Sunday, October 4, 2009

Book Review: A Million Miles in a Thousand Years by Donald Miller

A few years ago, a college student I was meeting with recommended a little book called Blue Like Jazz by Donald Miller. Her opinion of it was so high, I picked up a copy and gave it a try. I've never gobbled up a nonfiction book so fast. Donald's perception of the human and Christian experience was riveting and resonant with many of my own beliefs (some of which had been unspoken).

Flash forward about 6 years, and I've been given the opportunity to receive an Advanced Reader Copy (ARC) of Miller's latest book, A Million Miles in a Thousand Years. I'd been following Donald on Twitter for some time and have noted his writing-in-progress tweets with some anticipation. So my ARC from the Vine Program was a truly appreciated.

While I didn't take in Million Miles as ravenously as Jazz, I still enjoyed it. Miller perceives our lives as individual story lines, all flowing in the great Story that God is telling. We are not mere spectators to God's narrative, we are all participants. The question is, what kind of story are we going to tell? The world aches for good stories to witness, good stories to repeat to others. And of course, the best and most interesting stories are ones that have obstacles to surmount, challenges to overcome.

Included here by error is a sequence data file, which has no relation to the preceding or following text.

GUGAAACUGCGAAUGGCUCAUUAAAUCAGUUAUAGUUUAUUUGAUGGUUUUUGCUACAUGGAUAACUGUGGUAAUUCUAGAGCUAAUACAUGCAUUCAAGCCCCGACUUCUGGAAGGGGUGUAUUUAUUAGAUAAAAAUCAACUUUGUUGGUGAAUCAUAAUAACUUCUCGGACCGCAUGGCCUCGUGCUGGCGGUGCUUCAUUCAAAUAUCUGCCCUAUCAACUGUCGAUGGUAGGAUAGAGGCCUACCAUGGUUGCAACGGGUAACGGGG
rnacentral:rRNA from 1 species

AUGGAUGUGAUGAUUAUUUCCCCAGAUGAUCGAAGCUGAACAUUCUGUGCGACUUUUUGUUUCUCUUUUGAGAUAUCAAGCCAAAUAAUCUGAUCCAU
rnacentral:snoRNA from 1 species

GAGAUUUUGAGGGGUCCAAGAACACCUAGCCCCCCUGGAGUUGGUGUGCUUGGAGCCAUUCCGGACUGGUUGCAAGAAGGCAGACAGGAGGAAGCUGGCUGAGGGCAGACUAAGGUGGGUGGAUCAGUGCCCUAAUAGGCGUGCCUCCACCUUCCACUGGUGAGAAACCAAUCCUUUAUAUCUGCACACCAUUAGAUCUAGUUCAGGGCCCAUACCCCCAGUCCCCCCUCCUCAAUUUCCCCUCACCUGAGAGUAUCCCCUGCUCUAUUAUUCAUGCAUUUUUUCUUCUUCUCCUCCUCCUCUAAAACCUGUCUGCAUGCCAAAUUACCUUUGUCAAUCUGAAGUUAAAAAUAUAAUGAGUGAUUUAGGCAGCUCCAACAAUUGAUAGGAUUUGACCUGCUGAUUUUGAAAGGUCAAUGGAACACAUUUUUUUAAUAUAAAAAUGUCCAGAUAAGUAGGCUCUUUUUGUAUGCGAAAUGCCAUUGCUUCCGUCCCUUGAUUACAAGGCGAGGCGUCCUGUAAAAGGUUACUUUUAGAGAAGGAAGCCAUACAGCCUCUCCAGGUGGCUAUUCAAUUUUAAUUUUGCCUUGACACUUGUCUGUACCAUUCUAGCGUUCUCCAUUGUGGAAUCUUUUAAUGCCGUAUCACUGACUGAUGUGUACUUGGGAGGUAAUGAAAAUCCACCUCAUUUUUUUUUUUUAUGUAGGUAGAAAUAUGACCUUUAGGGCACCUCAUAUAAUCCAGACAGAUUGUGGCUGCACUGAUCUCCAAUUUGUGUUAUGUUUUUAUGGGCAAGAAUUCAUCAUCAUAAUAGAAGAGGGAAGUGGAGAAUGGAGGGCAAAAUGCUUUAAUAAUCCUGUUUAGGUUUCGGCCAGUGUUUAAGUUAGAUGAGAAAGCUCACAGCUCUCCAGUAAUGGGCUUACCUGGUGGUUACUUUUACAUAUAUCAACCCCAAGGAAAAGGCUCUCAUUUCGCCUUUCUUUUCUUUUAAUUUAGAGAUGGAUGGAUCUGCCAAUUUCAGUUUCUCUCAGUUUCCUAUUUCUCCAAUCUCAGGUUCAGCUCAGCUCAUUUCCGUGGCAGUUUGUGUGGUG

While on some level I agree with Miller on this point, on another it's hard to swallow. I've had a measure of pain in my life, and while no one would call my story a tragic one, there have been times when I've questioned why God has put me in the particular storyline He's written. It's very hard to accept the "pain makes life more interesting" notion when you're in the middle of a quagmire.

Having said that, I've had days when I've positively resonated with God's purpose for my life, days when the joy was so great I could almost hear it. It is in those times that I've felt a part of a greater story, and one in which I love to have this role. I only hope and pray that when I look back during the epilogue, that I, those around me and the Father above will have enjoyed what they've witnessed. As Miller discusses, it's a long climb up the mountain, but the view from above will be so glorious.

For more information on Donald Miller, go to or follow him on Twitter (donmilleris)

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